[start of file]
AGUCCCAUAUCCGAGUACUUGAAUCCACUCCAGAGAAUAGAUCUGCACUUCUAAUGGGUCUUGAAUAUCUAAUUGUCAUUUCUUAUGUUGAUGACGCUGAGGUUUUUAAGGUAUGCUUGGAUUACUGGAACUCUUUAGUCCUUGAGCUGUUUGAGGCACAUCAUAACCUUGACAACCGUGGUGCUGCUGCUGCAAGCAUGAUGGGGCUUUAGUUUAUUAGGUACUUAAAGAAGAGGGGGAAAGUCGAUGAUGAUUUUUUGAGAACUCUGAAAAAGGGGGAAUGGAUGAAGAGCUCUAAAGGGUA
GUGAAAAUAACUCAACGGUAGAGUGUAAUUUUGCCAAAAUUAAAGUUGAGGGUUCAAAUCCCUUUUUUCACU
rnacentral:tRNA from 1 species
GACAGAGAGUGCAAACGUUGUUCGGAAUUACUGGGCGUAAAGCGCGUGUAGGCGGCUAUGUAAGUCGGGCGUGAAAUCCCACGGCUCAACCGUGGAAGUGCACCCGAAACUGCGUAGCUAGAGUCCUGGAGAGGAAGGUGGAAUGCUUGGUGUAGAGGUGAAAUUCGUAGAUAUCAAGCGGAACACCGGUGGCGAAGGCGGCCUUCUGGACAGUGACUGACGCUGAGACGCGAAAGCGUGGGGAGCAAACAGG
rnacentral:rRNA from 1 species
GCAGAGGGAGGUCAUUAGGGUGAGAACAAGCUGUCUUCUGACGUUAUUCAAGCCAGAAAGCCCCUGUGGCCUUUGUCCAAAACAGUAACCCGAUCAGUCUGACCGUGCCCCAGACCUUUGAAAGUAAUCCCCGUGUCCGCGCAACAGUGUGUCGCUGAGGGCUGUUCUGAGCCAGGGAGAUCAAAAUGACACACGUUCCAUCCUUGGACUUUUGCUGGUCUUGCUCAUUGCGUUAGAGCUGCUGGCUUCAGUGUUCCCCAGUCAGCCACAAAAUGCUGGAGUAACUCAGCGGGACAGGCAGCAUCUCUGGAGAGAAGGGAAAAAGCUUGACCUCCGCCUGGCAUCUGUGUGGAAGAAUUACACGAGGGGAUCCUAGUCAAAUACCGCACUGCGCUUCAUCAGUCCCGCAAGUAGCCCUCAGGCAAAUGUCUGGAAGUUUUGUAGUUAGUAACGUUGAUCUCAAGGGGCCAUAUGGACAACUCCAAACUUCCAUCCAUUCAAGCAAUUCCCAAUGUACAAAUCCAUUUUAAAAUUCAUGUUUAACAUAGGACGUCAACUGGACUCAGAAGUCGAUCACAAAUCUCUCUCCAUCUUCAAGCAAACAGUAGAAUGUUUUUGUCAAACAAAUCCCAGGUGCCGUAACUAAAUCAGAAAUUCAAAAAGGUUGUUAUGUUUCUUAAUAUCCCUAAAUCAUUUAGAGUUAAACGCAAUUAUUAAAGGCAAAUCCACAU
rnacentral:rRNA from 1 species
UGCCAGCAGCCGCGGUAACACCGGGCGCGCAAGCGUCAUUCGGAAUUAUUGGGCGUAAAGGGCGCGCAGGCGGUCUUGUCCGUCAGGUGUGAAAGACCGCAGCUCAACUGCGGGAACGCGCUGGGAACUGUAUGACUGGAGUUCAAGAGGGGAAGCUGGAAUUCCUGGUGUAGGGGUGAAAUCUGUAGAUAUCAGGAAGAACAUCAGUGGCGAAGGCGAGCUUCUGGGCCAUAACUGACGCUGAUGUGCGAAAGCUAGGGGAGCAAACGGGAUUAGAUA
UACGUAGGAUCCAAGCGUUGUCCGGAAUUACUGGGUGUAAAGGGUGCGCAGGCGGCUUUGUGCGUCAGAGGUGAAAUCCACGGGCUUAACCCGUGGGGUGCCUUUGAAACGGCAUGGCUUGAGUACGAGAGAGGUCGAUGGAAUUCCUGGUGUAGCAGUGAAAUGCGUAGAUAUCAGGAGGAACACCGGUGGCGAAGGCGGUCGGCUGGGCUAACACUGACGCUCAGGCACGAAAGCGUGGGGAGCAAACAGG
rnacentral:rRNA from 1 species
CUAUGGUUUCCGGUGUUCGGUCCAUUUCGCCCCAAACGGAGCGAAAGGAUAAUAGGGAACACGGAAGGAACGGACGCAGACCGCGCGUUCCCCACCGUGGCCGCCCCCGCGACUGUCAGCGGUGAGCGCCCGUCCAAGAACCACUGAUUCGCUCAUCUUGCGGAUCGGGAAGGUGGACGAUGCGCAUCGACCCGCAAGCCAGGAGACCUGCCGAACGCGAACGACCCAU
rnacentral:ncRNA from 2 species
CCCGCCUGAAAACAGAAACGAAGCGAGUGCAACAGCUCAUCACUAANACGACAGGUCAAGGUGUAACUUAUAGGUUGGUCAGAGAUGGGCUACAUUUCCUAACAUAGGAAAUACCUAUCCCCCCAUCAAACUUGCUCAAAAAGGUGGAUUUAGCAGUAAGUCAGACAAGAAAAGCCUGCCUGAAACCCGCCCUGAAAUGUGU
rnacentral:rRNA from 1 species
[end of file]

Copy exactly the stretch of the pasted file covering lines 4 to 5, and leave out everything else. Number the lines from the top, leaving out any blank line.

GACAGAGAGUGCAAACGUUGUUCGGAAUUACUGGGCGUAAAGCGCGUGUAGGCGGCUAUGUAAGUCGGGCGUGAAAUCCCACGGCUCAACCGUGGAAGUGCACCCGAAACUGCGUAGCUAGAGUCCUGGAGAGGAAGGUGGAAUGCUUGGUGUAGAGGUGAAAUUCGUAGAUAUCAAGCGGAACACCGGUGGCGAAGGCGGCCUUCUGGACAGUGACUGACGCUGAGACGCGAAAGCGUGGGGAGCAAACAGG
rnacentral:rRNA from 1 species